I don’t go to the 12th district that often, but a few weeks ago I had my yearly visit to the eye doctor there so I was planning on a lunch nearby at Tanti. I have heard great things about it, so I wanted to try it for months by then. Of course I ran out of time and couldn’t make it to the restaurant – and I don’t like to eat alone anyway. That same day Tanti received its first Michelin star.
Last week finally we made it. The 3-course lunch menu for 3,900 HUF (appr. 13 euros) would be a bargain in any Michelin star restaurant in the world, but, to be honest, what you can expect from it is extremely high quality, but no extraordinary creativity. If you are looking for the genius of Tanti, choose from the á la carte menu or go for dinner – the pricing is still very friendly.
Between the two of us we tried 6 different dishes. For starters we went all green: ramsons velouté and green peas salad with stracciatella. Stracciatella as the cheese, not the gelato.
The velouté was served on some barley and a beautifully creamy egg yolk, and the soup itself was as pure as possible, maybe even too much – after a few spoonfuls the strong, spicy flavour of the ramsons was way too dominating, scratching our throat.
I couldn’t complain about the salad though: the key is the quality of the ingredients, and the peas were as fresh as they come straight from the garden, the stracciatella was almost melting on my tongue, so rich. You don’t hear much about this Italian delicacy in the shadow of the mozzarella di bufala, but in spring and summer it is a real treat! Let me show you a picture where the cheese is more visible (just like Saint-Éxupéry draws the open snake in The Little Prince):
For mains I went with the Mangalitza cheek with savoy cabbage. The Mangalitza is an amazing Hungarian local pork with curly hair that is almost too cute to eat – but once you taste it you have to give up your concerns, it is so tender and flavourful. About two decades ago they were almost extinct, now it is the biggest hit even in the United States. My plate also included some spring potatoes and greens. All in all a nice dish, but not that memorable.
Ádám picked our common favourite: duck foie gras. It was served with gnocchi and asparagus. The garnish was good, but the foie gras… heavenly! Melting away as soon as it gets into your mouth. Just perfect. Hungary is second in foie gras production in the world (right after France), so it is quite available and affordable in our country, and our chefs know what to do with it. It is even more true in Tanti!
The portions are not too big, so we could easily finish with the two desserts. Ádám was sold when it came to the salted caramel, so he got the choux. The whipped cream in the pastry didn’t make me very excited, but Ádám was more than pleased.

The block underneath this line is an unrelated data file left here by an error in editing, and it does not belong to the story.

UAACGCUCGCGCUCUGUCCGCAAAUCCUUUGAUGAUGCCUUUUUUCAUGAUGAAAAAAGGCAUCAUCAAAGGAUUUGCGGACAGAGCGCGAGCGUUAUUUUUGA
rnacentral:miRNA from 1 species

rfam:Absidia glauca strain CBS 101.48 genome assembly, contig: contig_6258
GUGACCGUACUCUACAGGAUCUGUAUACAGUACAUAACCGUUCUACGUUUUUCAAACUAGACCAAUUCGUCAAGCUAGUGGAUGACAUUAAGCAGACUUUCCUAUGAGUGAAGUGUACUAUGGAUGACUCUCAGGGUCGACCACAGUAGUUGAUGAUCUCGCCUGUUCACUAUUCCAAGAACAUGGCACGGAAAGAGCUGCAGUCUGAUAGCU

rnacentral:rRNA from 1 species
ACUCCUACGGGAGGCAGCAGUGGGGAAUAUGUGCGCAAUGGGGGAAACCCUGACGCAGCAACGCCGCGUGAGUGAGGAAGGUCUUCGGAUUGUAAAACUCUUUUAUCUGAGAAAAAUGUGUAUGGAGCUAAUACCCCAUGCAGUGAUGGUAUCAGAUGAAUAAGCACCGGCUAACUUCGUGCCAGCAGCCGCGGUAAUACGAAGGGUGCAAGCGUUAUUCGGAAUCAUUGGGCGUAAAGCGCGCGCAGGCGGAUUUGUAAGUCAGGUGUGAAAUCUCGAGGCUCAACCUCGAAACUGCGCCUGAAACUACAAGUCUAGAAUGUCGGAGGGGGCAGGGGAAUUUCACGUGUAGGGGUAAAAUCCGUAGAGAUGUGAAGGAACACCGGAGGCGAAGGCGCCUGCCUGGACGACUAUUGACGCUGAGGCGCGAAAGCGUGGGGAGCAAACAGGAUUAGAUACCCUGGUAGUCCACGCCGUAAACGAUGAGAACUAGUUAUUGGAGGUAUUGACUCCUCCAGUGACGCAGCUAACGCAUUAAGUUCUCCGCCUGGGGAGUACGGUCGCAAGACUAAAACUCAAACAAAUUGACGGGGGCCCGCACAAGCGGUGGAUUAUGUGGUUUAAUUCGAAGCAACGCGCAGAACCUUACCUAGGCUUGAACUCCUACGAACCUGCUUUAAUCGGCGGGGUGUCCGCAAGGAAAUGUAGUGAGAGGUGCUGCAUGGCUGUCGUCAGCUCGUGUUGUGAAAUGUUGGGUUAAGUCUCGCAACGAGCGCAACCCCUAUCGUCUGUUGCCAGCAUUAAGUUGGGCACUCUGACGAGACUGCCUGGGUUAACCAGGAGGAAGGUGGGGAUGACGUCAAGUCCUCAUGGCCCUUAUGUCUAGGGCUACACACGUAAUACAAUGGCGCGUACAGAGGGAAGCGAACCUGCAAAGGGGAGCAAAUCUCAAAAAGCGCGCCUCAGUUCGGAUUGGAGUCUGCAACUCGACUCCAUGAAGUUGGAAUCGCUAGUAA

I decided on the lemon dessert and did not regret it, it was refreshing and not at all sweet.
Now let’s talk about the service. The waiters were helpful and pleasant, but extremely slow. We went in the end of the lunch hours, so only a few guests were around, but paying took almost more time than eating – and we heard this problem from the table next to us as well. An other annoying detail is that we requested tap water, but the waiter said “I am not supposed to serve you that”. Ádám arrived earlier, so he could get hold on a glass of water, but I arrived a few minutes later, asked for it as well and never got it. This is something that Hungarian restaurants could definitely improve. When I was in New York I loved that my water glass was all the time refilled without asking – with tap water, for free.
A very positive detail in Tanti is that they work together with students of MOMA, the Hungarian Moholy-Nagy University of Arts and Design. Their plates give the restaurant a very unique voice, and it is a great opportunity for the young artists themselves.
The design of the restaurant itself is cosy and playful, the comfy chairs and soft carpets on the floor give you a feel of home. It might be surprising that Tanti is located in a (small) shopping mall, but the huge windows face the street full of trees, so you won’t feel the difference. The menu changes often and seasonally, and most of their dishes are inspired by typical Hungarian recipes and ingredients.
We are very happy that Budapest has now four Michelin-star restaurants, and Tanti is definitely on the more affordable and more relaxed end of the scale. It is not located in your typical touristy area, which means it might be sometimes easier to book a table on shorter notice. Despite the flaws of service we would recommend it to try – and make sure you get foie gras if it is on the menu!
Edit: After two glorious years Tanti couldn’t keep its Michelin star for 2017.
District XII, Apor Vilmos tér 11-12.
Hegyvidék Központ shopping mall
+36 20 243 1565